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The Semantic Link – September, 2012

Paul Miller, Bernadette Hyland, Ivan Herman, Eric Hoffer, Andraz Tori, Peter Brown, Christine Connors, Eric Franzon

On Friday, September 15, a group of Semantic Technology thought leaders from around the globe met with their host and colleague, Paul Miller, for the latest installment of the Semantic Link, a monthly podcast covering the world of Semantic Technologies. This episode includes a discussion about Big Data and Semantics, as well as some discussion of general trends in the Semantic Technology space.
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So Long, and Thanks for All The Triples – OKG Shuts Down

I take no pleasure in being right.

Earlier this week, I speculated that the Open Knowledge Graph might be scaled back or shut down. This morning, I awoke to a post by the project’s creators, Thomas Steiner and Stefan Mirea announcing the closing of the OKG.

Tweet by @tommyac: Shutting Down the OKG

The Open Knowledge Graph was, according to its creators, “an attempt to [open] up the Google Knowledge Graph by means of crowdsourcing;”  a project that used the power of the crowd to create an API for Google’s Knowledge Graph.  People were invited to install a browser plug-in that, as they used Google Search, would scrape the Knowledge Graph and store discovered facts in a publicly available resource (query-able through a SPARQL endpoint). With more than 500 million objects in the Knowledge Graph, representing 3.5 billion facts and relationships, the most practicable method for crawling may well be the crowd-sourced approach, and the OKG set out to test that theory.

Why was it shut down?

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OKG – Growing Quickly and Where To From Here?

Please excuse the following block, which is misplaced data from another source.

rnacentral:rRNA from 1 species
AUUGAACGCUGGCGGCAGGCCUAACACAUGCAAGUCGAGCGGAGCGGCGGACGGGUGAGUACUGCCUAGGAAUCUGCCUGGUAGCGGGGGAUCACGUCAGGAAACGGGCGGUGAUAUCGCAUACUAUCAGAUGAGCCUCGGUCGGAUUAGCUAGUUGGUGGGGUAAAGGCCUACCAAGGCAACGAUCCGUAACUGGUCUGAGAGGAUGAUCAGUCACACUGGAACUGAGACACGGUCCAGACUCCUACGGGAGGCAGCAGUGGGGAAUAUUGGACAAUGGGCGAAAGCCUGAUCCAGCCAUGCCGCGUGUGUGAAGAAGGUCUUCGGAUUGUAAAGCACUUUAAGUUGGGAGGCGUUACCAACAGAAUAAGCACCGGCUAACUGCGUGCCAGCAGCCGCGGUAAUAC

Recently, we reported about the Open Knowledge Graph project, an effort to crowd-source a Google Knowledge Graph API. The project seems to have taken off quickly, with over 2,500,000 triples collected as of this writing (and climbing quickly). We spotted this post on Google+:

G+ post by Thomas Steiner

The last line, about the “public non-service announcement” left us wondering…is the project under pressure to scale back or worse, to shut down? Is this work competitive with Google or does it hurt their business interests in some way? We have been watching, and haven’t seen any announcement yet, but the post certainly left us waiting for the distinct sound of a dropping shoe. Then we saw this follow-up, with ominous Latin:

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Get In On CrowdSourcing An Open Knowledge Graph API

Last week The Semantic Web Blog continued its coverage of Google’s Knowledge Graph with the news of its worldwide launch for English-language users. This week we’ve learned about a paper submitted to the 1st International Workshop on Knowledge Extraction and Consolidation from Social Media (KECSM2012), which takes place in November in Boston, about work underway on the topic of crowd-sourcing an Open Knowledge Graph API.